Traveling abroad brings with it a series of experiences that can be both frustrating and surprising. This weekend past I had the opportunity to visit one of the lands of the Vikings, Norway. Although I only stayed in Oslo I did have the opportunity to travel on the three principal local public transport systems, buses, trams and the metro.
Just as in other large metropolitan cities the Ruter # as it is known coordinates, orders and markets public transport in Oslo and Akershus. All services are performed by various operating companies that work by contract for Ruter and by NSB with local trains – all within the same ticket and price system.
This consistency in the ticket and price system is great! From an end user experience perspective it works for the most part but for out-of-towners there can be some challenges. The first of these is that the buses come in a variety of colours. Red and neon green and bicolored red and yellow ones. The red ones are local buses, criss-crossing Oslo and providing links to all areas not served by one of the other forms of transport.
The green buses are regional buses, travelling further afield and generally starting/finishing from Oslo bus terminal. An important distinction to note is on the green regional buses you must enter at the front and show your ticket, stating if you will be travelling further than the city limits.
On the red local buses you can enter using any door and need only scan your ticket if you need to validate your period pass or pay for a single journey. So here we hit the first inconsistency. If you don’t know this, you could have an embarrassing time.
Like many of the transit systems these days, the Ruter has upgraded from the old paper ticket to the impulskort which contains an RFID loop. Tagging cards is cheap enough these days that this is the best way to provide you with a semi-durable ticket. Another issue that arises with the impulskort is that on some buses the LCD display houses the reader and on others the reader is housed in a scanning pad.
For those not familiar with both technology environments this too can be embarrassing or downright awkward and can compound delays on getting on the bus.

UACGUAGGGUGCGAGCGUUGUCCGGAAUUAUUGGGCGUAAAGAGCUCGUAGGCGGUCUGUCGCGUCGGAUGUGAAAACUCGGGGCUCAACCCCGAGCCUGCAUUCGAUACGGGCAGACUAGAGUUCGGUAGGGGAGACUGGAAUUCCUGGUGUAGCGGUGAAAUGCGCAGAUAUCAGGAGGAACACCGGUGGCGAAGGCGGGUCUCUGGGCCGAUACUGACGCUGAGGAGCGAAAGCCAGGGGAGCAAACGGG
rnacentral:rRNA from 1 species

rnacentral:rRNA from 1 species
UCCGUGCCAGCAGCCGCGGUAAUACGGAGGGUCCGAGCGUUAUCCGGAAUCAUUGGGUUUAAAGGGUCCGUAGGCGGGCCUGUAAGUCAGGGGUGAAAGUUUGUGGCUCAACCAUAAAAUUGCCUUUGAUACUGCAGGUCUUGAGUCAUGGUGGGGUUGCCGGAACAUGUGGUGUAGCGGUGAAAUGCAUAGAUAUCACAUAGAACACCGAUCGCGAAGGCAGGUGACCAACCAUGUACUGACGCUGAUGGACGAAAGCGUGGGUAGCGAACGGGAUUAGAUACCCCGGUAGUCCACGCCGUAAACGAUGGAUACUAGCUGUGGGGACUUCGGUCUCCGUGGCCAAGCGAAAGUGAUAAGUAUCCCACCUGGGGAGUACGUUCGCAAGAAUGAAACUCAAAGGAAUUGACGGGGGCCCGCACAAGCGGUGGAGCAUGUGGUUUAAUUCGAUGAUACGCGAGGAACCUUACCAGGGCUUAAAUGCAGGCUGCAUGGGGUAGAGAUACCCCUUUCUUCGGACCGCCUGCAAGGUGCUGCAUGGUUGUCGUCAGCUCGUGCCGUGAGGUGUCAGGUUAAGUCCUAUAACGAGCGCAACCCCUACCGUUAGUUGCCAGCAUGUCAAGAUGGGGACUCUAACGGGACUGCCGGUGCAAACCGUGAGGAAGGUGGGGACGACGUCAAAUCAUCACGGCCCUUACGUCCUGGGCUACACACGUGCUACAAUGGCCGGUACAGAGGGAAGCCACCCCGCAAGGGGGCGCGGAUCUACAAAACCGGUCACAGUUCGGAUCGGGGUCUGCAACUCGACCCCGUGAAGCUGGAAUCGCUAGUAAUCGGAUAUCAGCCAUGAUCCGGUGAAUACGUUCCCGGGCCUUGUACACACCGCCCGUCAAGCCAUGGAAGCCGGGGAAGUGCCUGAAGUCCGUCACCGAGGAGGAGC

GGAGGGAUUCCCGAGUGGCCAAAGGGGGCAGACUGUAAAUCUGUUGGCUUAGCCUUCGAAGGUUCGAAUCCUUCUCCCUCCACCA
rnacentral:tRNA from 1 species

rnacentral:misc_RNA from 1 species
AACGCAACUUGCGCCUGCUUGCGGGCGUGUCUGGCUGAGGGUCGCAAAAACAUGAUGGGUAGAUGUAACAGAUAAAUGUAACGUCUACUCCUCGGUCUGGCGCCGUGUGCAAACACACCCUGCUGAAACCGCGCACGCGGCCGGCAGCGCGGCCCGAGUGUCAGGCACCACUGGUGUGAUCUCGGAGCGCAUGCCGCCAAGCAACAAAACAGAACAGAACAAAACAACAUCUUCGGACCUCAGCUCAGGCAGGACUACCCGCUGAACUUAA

Much has already been said in the past regarding the UI issues associated with working ERP’s and a new generation of applications is being churned out in the form of FIORI applications that essentially enable business users to leverage the same functionality on a mobile device or in a browser that historically has been largely only available via the SAP GUI, the NWBC or the SAP Portal.
This is mostly telling us that legacy methods are acknowledged as less than ideal and there is an expectation that something fresher and more contemporary should be available for use and here’s where the rub sets in.
This is not to say that those old paper tickets didn’t get the job done, just that they were vulnerable to forgery and inappropriate reuse, inflexible and not very useful for statistical reporting. In many respects these same deficiencies in old paper tickets are the same for modern day systems.
We want more control, more flexibility and better reporting however the way that we make all of those mechanisms possible and the way we facilitate those functions must still be inherently usable.
This is a balance that is not easy to find – I refer to the overly complex solutions as solutions that get you stuck in a deadwood forest. If you fail to address the concerns of an aging UI though, you land in a wasteland like ‘death valley’ where systems don’t keep up with the complexity and demands of business and processes.
There is a clear path, a clear path for automation in the absence of UI redesign, not necessarily one that is always obvious – a path that requires understanding the dimensions and maturity of people, process and technology but also the context in which your business processes function.
For finance operations using SAP this means leveraging that tenured or immature skillset of the people along with the most commonly used tools like workflow and Microsoft Excel and Web forms. Products like those from Winshuttle can support you in this. Most particularly it means endorsing the position that your SAP ERP is your system of record – a hungry and demanding system with high expectations in terms of data inputs.
Much has been made of the expectations of the millennial workforce and of course they will be the knowledge workers of tomorrow – they will expect better systems than those of the past and they will want high performance, a slick UI and useful and responsive reporting. This can only be achieved by re-architecting the user experience and undoubtedly FIORI is on that path.
In parallel we have to think of all the other aspects of working with systems, the need to move away from manual data entry and closer to integrated systems. This is a hard expectation to meet when there’s a counter-pull suggesting that best-in-class solutions are more effective and less costly.
In the evaluation of an approach to finding the clear path you need to have vision and an idea of the lie of land as it is today but you also have to have some degree of faith that there is no single solution that likely fits all needs.
Challenge your assumptions regarding the solutions that you think are most appropriate, see what your competitors and peers are doing and don’t be shy to take on something new especially if it is low risk.